National Party

Key demands answers from Cunliffe over his secret donations

While Labour chases Judith Collins over a dinner in Beijing David Cunliffe still hasn’t revealed who his secret donors were .

He has his donations laundered through a secret trust, organised and run by blogger and flea lawyer Greg Presland and has failed so far to declare his donations as required in the parliamentary pecuniary interests register. He has resisted all questions from journalists and continues to be sneaky, tricky and furtive about the donations.

Yesterday John Key gave him a good hard smack over it off of the back of Shane Jones announcing who his donors were.

Questions remain around who funded the various campaigns in Labour’s leadership battle last year.

Shane Jones has acknowledged getting support from National Party stalwart Sir Wira Gardiner and New Zealand Oil and Gas director Roger Finlay for his failed bid.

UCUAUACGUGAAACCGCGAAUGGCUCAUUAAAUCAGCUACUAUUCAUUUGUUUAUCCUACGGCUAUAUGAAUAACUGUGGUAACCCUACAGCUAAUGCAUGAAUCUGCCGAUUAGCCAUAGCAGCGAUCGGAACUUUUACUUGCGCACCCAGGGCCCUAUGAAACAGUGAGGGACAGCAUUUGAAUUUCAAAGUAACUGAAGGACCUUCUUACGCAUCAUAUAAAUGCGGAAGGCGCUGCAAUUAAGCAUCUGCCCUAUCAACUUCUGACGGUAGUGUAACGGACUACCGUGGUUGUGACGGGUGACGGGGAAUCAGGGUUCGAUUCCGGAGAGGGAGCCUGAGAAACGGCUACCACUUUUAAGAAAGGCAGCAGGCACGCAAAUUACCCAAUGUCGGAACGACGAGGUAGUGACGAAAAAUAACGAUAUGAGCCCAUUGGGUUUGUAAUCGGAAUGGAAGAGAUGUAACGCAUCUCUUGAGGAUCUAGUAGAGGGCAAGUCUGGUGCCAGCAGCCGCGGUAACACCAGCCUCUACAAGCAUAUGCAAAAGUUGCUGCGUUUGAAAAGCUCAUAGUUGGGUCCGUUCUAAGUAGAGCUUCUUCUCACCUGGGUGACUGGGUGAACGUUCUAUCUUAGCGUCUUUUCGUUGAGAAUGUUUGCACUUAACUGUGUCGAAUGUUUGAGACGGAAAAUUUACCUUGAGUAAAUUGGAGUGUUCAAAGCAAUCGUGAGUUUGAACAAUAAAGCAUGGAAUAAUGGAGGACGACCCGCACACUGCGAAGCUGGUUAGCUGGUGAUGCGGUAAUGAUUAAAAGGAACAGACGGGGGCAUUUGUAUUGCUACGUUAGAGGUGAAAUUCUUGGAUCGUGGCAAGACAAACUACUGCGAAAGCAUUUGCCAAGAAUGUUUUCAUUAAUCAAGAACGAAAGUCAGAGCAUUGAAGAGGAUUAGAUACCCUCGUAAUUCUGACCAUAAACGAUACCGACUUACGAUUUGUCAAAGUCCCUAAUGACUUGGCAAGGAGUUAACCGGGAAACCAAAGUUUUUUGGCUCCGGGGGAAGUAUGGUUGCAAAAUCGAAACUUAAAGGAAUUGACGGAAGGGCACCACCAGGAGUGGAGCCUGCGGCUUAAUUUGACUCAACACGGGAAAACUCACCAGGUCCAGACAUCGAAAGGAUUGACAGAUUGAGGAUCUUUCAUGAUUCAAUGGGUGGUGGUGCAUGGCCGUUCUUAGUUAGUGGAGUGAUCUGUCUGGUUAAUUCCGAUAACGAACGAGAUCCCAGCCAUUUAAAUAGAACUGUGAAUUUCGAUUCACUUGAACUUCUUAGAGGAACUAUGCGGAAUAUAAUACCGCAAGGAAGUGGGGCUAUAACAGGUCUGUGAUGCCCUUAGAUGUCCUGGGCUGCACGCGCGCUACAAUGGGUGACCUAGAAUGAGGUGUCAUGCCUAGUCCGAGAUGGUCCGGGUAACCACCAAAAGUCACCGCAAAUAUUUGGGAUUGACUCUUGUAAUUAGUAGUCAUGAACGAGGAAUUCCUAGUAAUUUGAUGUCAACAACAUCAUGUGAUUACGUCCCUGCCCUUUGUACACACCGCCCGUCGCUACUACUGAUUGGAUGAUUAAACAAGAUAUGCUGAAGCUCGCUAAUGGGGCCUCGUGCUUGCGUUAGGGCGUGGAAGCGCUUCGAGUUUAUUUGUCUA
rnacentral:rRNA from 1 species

John Key says if Mr Jones was prepared to identify those two donors, why won’t David Cunliffe reveal the names of his.   Read more »

The losers excuse

David Cunliffe has played the losers excuse this morning on Radio New Zealand…blaming others for the total and utter screw up that is his party.

The Labour Party leader is accusing National of creating a new job to convince Shane Jones to leave Parliament.

Mr Jones confirmed his departure from politics on Tuesday and is tipped to take up a role helping Pacific islands make more money out of their fisheries. He is likely to leave Parliament shortly and his place will be taken by the next person on Labour’s list, Kelvin Davis.

Shane Jones told Radio New Zealand’s Morning Report programme he was leaving politics because he does not have the necessary level of commitment and energy ahead of the election.

He unsuccessfully sought the Labour leadership last year and was asked by the party leadership to tone down attacks he had been making on one of Labour’s potential allies, the Green Party.

“Any New Zealander with a smidgeon of interest in politics will know that the political collar has chafed this dog’s neck – and now I’ve slipped the collar,” he said on Wednesday.